A GOOD HUSBAND [a.k.a. KONDO WA AISAIKA | 今度は愛妻家]

http://www.toei.co.jp/

JAPAN 2009  Directed by: Isao Yukisada  Novel by: Mayumi Nakatani  Written by: Chihiro Itou  Cinematography: Jun Fukumoto  Editing: Tsuyoshi Imai  Music: Yoko Kumagai, Hidehiko Urayama Cast: Etsushi Toyokawa, Hiroko Yakushimaru, Asami Mizukawa, Gaku Hamada, Yuu Shirota, haruka Igawa, Renji Ishibashi, Kaoru Okuniki, Kanji Tsuda

Released only shortly before his stellar PARADE (PAREDO), director Isao Yukisada’s A GOOD HUSBAND tells the story of a thirtysomething couple and their struggle to keep up their marriage. Once a star photographer Shunsuke now prefers staying in bed all day long, a student-like slacker life and betraying his wife with other women. His wife Sakura on the other hand is very anxious to get him back on his feet and working. But he insists that he’s got no inspiration to start working again after a one-year hiatus and rather lets his young assistant do some minor assignments on his behalf. As much as things seem to not go anywhere with Shunsuke and Sakura, their past involving a trip to Okinawa to conceive a baby and the next events slowly start a reflection on what has happened between them and why. And very soon a very special kind of divorce will be taking place.

If PARADE was blurred albeit in an odd way, then A GOOD HUSBAND, based on Mayumi Nakatani’s novel, is dreamy. For a good reason, that is. Yukisada once more displays his talent for nuances and the intimacy of the relationships between his characters. On the surface these relationships seem hollow, sometimes cold, often aimless, but Yukisada is a master of reading in between the lines and he reveals a very different side of these relationships if we are just paying close attention. It is likely that many viewers will disregard Yukisada’s films as superficial or trivial. Well they aren’t. They are subtle and in a way as sophisticated as the human psyche.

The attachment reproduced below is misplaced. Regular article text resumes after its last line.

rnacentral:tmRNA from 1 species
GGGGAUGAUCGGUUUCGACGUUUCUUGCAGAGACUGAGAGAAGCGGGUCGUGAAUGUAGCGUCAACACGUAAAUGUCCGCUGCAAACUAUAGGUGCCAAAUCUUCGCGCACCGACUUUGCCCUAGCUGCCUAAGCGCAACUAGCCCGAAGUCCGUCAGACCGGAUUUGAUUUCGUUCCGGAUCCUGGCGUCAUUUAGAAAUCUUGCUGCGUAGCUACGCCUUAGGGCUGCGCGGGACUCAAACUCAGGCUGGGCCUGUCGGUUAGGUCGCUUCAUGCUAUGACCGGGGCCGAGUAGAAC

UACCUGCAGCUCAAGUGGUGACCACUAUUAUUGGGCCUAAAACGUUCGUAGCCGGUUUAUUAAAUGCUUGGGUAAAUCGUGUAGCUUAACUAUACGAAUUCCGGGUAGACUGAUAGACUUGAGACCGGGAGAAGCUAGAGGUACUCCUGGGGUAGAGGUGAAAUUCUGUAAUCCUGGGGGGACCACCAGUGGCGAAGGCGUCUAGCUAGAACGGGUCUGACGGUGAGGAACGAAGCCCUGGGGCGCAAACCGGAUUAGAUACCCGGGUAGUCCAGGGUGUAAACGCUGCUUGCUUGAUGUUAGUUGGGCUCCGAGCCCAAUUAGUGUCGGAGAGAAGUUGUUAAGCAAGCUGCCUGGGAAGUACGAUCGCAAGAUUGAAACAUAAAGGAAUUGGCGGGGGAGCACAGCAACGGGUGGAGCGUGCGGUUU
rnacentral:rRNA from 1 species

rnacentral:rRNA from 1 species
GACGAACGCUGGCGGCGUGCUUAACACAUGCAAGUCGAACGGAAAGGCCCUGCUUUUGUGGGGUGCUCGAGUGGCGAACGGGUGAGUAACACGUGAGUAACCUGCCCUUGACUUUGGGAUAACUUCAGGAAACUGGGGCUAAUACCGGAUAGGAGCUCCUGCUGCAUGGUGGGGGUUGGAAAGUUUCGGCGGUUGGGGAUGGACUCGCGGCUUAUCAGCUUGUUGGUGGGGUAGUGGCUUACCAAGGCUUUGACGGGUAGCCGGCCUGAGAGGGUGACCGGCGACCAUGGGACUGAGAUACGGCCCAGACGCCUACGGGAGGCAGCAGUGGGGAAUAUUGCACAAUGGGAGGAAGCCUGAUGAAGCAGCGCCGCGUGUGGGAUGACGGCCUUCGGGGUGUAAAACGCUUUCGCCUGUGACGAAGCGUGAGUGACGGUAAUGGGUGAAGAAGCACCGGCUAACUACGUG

What makes A GOOD HUSBAND particularly interesting is its form that follows function in a very conceptual way. That is not a bad thing: Yukisada is timing his movie almost entirely like a stage play. Enter, dialogue, exit, next. Maybe halfway into the movie most buffs will have figured out why that is, yet A GOOD HUSBAND remains fascinating until the (more or less) predictable end. The movie certainly takes its time to get to the point and to show most of its characters’ reasons and emotions, but is beautifully photographed and gracefully paced, and rewards the viewer with a liberating finale.

A GOOD HUSBAND, despite not necessarily featuring the most original of stories, is a unique portrait of a failed professional and husband. Equally it’s the touching story of a love lost and found. A GOOD HUSBAND quintessentially transforms the idea of a picture being worth a thousand words into a cinematic concept.

What’s left to say is that A GOOD HUSBAND may not instantly work for everyone and may feel inaccessible at first, but it grows on you if you let it. Let it.

J.


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